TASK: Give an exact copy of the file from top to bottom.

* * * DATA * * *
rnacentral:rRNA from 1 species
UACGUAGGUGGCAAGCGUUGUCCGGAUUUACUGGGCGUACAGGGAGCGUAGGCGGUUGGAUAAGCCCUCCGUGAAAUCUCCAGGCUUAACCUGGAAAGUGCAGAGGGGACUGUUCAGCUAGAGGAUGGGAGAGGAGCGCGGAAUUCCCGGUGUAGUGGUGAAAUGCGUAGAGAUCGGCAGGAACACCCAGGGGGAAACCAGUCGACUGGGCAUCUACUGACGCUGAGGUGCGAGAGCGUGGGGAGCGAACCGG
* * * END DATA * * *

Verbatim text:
rnacentral:rRNA from 1 species
UACGUAGGUGGCAAGCGUUGUCCGGAUUUACUGGGCGUACAGGGAGCGUAGGCGGUUGGAUAAGCCCUCCGUGAAAUCUCCAGGCUUAACCUGGAAAGUGCAGAGGGGACUGUUCAGCUAGAGGAUGGGAGAGGAGCGCGGAAUUCCCGGUGUAGUGGUGAAAUGCGUAGAGAUCGGCAGGAACACCCAGGGGGAAACCAGUCGACUGGGCAUCUACUGACGCUGAGGUGCGAGAGCGUGGGGAGCGAACCGG